This paper addresses issues of current Japanese IR by assessing over 20 years of empirical research and the methodologies employed. A general overview of features of Japanese Industrial Relations (IR) since 1970, divided into three time frames, will broadly analyse the types of conditions and factors that have brought about change. We will then consider the major achievements of such empirical research, looking at the first half of the 1980s, the latter half of the 1980s and the 1990s, respectively. After a brief consideration of the critical awareness, analytical content and facts emerging since 1980, we will evaluate respective contributions and the issues presented; and on this basis, we will discuss the direction that future research should follow, by pointing out the features and problems of Japanese IR as a whole. The above will clarify the level attained by these studies and the characteristics of Japanese IR. Only by examining such research can we elucidate problems facing Japanese IR in a changing and harsh economic environment: how problems can be overcome (or not), what decisive factors are involved, and what new issues have arisen. The biggest problem of Japanese IR is the paradox that its highpoint came about through the unions' cooperative approach; but this was essentially a malfunction of labour unions, or a 'hollowing-out' of IR. Research into this area needs therefore to take a broader socio-economic perspective within the structural context of Japanese society, in order to elucidate reasons for union malfunction and investigate how to eliminate this.

Keywords: IR; labour movement; union control; workers' merit-oriented mentality; collective bargaining; corporate-centred society

Task Environment and Resource Deployment: Their Impact on the Performance of Telecommunications Firms in Asia-Pacific Countries (pp157-184)
Norlia Ahmad (Faculty of Business and Management, Open University Malaysia (OUM), Kuala Lumpur, Malaysia.) and Rachda Chiasakul (Asia Plus Securities Public Company Limited, Bangkok, Thailand.)
This research combines both the positioning school and the Resource-Based View models in an analysis of telecommunications firms operating in Asia-Pacific countries. From a strategic management viewpoint, it provides an analysis of the task environment as an external factor, as well as changes in resource deployment as internal factors, to these firms. Thereafter, it examines the influence of a task environment, which has experienced enormous changes resulting from market deregulation and rapid technological advancement, and resource deployment on firm performance. Our findings support the notion that changes in task environment, which correspond to a decrease in market concentration and an increase in task ambiguity lead to a lower profitability rate among firms. In addition, this study also indicates that a firm's ability to respond to changes in the task environment is reflected in changes in resource deployment. Finally, a considerable change in resource deployment is also associated with a higher level of performance. Notably, this study offers some insights on issues of heterogeneity among firms within the telecommunications industry, suggesting that they are uniquely different in term of their objectives and strategic resources.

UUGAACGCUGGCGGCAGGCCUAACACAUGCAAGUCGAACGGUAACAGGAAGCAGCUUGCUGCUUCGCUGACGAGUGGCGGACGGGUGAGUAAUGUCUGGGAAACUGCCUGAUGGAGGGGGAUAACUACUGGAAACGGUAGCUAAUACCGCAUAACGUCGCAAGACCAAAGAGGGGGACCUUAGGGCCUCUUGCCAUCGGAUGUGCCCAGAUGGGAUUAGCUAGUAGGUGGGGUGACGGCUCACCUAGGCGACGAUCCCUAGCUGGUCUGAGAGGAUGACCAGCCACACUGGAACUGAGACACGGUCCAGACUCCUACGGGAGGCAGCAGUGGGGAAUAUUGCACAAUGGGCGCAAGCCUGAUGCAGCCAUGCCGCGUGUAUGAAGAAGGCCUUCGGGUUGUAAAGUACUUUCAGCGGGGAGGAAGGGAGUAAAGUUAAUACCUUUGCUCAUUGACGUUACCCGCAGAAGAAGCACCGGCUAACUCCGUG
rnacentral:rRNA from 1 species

Keywords: market concentration; task ambiguity; resource deployment; performance

Dividend Pay-Outs and Leverage in Japanese Firms (pp185-203 )
Sophie Nivoix (Faculté de Droit et Sciences Sociales de Poitiers, 93, avenue du recteur Pineau, 86022 Poitiers cedex, France.)
Through an analysis of the use of leverage and dividend policy by Japanese companies, we came to the conclusion that the strategy that directed them regarding the agency theory cost levels incurred was not neutral. The theoretical implications of the agency theory allowed us to express several hypotheses that we tested on a wide sample of Japanese firms listed on the Tokyo Stock Exchange. Owing to considerable restructuring in Japan at that time, the difference between keiretsu and non-keiretsu firms was also investigated. In the empirical part of this paper, we show some clear differences between firms located within the influence area of the horizontal groups (keiretsu) and those outside it. Indeed, the outside companies showed a leverage rate significantly lower than the others, and a slightly lower pay-out ratio. As for firms belonging to keiretsu, no difference regarding leverage levels was noted, but there was a slight tendency for firms belonging to former zaibatsu heirs to pay lower dividends than companies belonging to other horizontal groups. Moreover, leverage and dividend policy appeared to be ways of reducing agency costs. Evidence showed that these means were more substitutive than complementary, since our results showed a negative relationship between leverage and pay-out ratio.

Keywords: dividend; leverage; agency theory; keiretsu; Japan